Pipe pays tribute after death of Grand National-winning owner Freddie Starr
Comedian Freddie Starr, who achieved a lifetime's ambition when his horse Miinnehoma won the 1994 Grand National, has died at the age of 76.
According to reports, he was found dead inside his house in the Costa Del Sol region of Spain on Thursday night.
The Merseyside-born comic, impressionist, singer and actor was a keen racing enthusiast best known for his association with the Martin Pipe-trained Miinnehoma, who landed the Aintree marathon by a length and a quarter from Just So under Richard Dunwoody.
It was a childhood ambition for Starr to win the race in his home city. "The dream is to see my horse go past the winning post," he said.
Speaking on Friday morning, Pipe said: "It's sad to hear the news. Freddie was a star of an owner, he really was. He sent us Miinnehoma in 1989 and his first words to me were, 'I want to win the Grand National'. I replied, 'The horse hasn't even jumped yet!'
"Freddie had a few other horses with us too. He came and stayed with us and there's a lovely picture on our website of Richard Dunwoody and Freddie with the trophy and me. We always enjoyed his company. He was great fun."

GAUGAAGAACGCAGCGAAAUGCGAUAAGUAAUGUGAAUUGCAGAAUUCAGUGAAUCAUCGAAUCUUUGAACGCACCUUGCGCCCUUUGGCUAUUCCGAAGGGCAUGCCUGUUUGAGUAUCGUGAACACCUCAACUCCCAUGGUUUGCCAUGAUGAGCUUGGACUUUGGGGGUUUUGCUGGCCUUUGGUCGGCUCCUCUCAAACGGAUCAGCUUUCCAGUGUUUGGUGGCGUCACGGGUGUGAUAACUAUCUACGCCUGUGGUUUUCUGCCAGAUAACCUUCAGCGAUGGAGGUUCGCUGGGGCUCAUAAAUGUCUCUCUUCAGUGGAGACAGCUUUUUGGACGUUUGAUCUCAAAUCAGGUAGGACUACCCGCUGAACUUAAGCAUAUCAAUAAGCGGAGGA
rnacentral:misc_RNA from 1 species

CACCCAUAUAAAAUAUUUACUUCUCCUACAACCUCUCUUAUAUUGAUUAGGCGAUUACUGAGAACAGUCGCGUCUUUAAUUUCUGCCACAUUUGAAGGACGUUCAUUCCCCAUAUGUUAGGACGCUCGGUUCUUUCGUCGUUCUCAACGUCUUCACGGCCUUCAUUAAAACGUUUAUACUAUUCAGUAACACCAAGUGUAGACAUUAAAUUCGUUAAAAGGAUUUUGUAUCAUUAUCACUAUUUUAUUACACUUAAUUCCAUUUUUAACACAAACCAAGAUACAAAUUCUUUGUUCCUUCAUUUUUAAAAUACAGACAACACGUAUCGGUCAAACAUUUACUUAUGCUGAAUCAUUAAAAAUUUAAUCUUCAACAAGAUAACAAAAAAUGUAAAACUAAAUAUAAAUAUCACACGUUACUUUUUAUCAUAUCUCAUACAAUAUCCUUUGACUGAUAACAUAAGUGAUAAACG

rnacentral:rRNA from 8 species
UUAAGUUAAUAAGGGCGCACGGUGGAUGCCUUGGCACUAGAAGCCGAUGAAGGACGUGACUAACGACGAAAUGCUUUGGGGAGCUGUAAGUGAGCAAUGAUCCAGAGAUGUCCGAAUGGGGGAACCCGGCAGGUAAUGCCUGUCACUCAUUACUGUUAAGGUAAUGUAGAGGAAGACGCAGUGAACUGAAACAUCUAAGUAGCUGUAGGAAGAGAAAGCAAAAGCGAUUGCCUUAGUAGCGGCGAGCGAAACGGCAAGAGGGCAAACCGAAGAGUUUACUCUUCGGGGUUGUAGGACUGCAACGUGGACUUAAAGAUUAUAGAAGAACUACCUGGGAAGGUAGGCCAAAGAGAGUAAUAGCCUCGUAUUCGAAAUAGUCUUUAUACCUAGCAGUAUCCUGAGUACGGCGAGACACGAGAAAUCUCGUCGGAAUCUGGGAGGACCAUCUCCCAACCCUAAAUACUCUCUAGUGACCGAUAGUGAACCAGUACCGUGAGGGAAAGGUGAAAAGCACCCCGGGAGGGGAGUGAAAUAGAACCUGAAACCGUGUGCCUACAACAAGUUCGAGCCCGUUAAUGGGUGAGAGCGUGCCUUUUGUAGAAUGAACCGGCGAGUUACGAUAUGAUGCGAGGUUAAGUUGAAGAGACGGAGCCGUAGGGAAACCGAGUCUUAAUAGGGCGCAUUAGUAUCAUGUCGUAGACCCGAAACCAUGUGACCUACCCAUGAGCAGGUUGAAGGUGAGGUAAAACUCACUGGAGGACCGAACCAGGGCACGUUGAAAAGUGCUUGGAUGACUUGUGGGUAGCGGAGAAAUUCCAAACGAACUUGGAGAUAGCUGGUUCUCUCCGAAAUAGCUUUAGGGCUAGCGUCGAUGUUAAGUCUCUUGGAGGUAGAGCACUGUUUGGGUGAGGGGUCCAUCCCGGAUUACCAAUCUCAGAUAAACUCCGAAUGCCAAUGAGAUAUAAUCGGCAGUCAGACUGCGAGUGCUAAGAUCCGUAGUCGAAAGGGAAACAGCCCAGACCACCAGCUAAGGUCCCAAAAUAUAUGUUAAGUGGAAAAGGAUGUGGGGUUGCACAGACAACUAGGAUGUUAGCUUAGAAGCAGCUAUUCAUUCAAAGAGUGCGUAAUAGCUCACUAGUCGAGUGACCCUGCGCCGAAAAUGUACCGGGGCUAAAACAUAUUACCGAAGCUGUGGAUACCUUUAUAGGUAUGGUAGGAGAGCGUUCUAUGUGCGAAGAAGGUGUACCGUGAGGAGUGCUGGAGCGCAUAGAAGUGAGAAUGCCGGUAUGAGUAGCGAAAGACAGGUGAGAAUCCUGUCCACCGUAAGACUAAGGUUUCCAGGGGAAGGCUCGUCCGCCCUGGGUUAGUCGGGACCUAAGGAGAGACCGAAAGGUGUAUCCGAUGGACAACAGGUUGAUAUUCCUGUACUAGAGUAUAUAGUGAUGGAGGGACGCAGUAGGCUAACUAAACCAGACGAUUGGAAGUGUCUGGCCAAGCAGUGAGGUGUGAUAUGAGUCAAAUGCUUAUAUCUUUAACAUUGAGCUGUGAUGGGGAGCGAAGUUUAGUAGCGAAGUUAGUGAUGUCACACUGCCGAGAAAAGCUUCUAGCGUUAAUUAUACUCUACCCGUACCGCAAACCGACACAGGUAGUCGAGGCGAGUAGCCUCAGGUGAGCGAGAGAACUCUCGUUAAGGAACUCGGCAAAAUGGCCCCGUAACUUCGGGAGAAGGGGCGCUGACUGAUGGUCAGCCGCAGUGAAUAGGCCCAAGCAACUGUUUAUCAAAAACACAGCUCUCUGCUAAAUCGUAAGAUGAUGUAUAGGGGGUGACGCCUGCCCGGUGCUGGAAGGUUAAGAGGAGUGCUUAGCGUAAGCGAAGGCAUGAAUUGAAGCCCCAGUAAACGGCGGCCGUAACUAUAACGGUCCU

"He won four races over hurdles under Peter Scudamore and then went novice chasing, ending his season by landing the Sun Alliance.
"He finished seventh to The Fellow in the 1994 Gold Cup before winning the Grand National under a brilliant ride from Richard Dunwoody and went back to Cheltenham to finish third to Master Oats the following year."
Miinnehoma raced from 1989 to 1996, winning 11 of his 25 starts, and earning almost £250,000 in career prize-money.
Starr also owned the Owen Brennan-trained Kouros, who won the valuable Nottinghamshire Novices' Chase in 1987, ridden by the trainer's son Martin Brennan, beating former Triumph Hurdle winner First Bout by half a length.
Get exclusive insight from the track and live tipping with Raceday Live - our up-to-the-minute service on racingpost.com and the Racing Post mobile app